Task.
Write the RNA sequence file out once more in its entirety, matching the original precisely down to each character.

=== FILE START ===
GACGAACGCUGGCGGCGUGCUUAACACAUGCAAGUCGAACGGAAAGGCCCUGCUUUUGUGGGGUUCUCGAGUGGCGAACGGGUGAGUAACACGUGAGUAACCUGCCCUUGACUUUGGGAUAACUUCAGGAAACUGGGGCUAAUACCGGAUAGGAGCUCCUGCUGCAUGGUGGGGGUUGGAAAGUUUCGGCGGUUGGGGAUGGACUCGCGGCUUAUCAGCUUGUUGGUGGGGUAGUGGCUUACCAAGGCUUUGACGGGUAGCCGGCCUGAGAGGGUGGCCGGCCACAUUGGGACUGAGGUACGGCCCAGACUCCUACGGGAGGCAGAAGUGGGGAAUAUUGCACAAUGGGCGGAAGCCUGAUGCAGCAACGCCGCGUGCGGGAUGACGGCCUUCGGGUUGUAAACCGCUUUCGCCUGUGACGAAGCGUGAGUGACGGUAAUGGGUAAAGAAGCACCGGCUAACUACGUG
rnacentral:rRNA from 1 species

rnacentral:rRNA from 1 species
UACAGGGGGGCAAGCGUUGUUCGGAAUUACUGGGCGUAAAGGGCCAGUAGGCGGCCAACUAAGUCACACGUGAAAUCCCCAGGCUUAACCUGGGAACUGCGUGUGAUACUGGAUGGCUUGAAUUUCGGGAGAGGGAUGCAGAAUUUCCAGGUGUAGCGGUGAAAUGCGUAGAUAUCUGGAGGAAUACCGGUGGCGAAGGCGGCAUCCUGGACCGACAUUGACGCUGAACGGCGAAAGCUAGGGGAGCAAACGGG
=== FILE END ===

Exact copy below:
GACGAACGCUGGCGGCGUGCUUAACACAUGCAAGUCGAACGGAAAGGCCCUGCUUUUGUGGGGUUCUCGAGUGGCGAACGGGUGAGUAACACGUGAGUAACCUGCCCUUGACUUUGGGAUAACUUCAGGAAACUGGGGCUAAUACCGGAUAGGAGCUCCUGCUGCAUGGUGGGGGUUGGAAAGUUUCGGCGGUUGGGGAUGGACUCGCGGCUUAUCAGCUUGUUGGUGGGGUAGUGGCUUACCAAGGCUUUGACGGGUAGCCGGCCUGAGAGGGUGGCCGGCCACAUUGGGACUGAGGUACGGCCCAGACUCCUACGGGAGGCAGAAGUGGGGAAUAUUGCACAAUGGGCGGAAGCCUGAUGCAGCAACGCCGCGUGCGGGAUGACGGCCUUCGGGUUGUAAACCGCUUUCGCCUGUGACGAAGCGUGAGUGACGGUAAUGGGUAAAGAAGCACCGGCUAACUACGUG
rnacentral:rRNA from 1 species

rnacentral:rRNA from 1 species
UACAGGGGGGCAAGCGUUGUUCGGAAUUACUGGGCGUAAAGGGCCAGUAGGCGGCCAACUAAGUCACACGUGAAAUCCCCAGGCUUAACCUGGGAACUGCGUGUGAUACUGGAUGGCUUGAAUUUCGGGAGAGGGAUGCAGAAUUUCCAGGUGUAGCGGUGAAAUGCGUAGAUAUCUGGAGGAAUACCGGUGGCGAAGGCGGCAUCCUGGACCGACAUUGACGCUGAACGGCGAAAGCUAGGGGAGCAAACGGG